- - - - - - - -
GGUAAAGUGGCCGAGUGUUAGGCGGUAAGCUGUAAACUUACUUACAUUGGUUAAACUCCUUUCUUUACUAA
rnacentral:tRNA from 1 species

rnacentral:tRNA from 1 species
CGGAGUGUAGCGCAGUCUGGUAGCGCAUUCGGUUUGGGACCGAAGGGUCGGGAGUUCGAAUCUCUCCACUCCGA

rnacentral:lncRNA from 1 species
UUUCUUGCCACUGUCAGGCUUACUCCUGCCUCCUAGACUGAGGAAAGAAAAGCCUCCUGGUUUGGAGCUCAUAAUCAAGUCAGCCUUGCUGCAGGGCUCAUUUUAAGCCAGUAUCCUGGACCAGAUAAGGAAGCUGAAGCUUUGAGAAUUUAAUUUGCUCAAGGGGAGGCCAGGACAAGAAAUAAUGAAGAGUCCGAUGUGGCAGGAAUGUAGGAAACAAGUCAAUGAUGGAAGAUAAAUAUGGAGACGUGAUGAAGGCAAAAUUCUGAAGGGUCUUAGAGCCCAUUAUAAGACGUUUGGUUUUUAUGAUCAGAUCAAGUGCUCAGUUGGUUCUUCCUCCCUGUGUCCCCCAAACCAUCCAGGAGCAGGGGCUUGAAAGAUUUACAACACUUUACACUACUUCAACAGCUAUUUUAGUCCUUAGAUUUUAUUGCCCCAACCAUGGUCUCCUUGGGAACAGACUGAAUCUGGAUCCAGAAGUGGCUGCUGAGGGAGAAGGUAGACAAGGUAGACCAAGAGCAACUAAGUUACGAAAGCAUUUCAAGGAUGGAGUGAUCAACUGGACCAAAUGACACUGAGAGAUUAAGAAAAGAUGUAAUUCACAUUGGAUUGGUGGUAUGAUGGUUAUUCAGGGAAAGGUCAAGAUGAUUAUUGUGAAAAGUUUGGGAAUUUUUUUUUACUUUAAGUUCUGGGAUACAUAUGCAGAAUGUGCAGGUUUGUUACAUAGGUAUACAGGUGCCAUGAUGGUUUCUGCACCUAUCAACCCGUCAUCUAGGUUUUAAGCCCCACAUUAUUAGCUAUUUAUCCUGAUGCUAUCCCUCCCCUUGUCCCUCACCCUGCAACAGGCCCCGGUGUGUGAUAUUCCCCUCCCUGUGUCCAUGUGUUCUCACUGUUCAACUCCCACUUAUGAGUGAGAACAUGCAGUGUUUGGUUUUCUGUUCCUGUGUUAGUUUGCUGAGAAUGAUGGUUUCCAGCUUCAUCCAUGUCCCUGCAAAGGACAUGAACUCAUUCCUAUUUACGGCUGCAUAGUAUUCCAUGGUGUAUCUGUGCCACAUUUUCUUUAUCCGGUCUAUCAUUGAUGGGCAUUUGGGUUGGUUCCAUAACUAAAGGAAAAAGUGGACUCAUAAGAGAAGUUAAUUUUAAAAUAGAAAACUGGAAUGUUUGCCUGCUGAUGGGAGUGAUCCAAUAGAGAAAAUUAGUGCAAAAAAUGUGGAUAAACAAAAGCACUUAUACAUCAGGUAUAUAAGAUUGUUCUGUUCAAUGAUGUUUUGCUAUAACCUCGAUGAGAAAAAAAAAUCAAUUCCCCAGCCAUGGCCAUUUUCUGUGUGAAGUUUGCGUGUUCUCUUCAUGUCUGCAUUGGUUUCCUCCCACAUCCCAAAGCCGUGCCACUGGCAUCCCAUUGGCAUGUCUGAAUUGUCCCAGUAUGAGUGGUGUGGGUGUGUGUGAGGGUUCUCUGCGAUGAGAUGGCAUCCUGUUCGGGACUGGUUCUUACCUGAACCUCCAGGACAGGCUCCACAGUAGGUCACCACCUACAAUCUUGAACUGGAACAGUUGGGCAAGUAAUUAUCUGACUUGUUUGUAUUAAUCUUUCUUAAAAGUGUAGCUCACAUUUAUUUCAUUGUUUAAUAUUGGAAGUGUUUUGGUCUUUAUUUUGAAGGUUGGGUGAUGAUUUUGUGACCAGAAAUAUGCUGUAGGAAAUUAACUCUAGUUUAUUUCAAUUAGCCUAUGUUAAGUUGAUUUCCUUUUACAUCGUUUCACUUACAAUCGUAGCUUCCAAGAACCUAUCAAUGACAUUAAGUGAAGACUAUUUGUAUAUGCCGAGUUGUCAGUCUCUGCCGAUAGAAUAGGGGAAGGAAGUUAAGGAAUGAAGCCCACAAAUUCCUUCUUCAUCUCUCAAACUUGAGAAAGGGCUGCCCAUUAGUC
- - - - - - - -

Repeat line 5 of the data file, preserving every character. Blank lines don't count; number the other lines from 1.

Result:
rnacentral:lncRNA from 1 species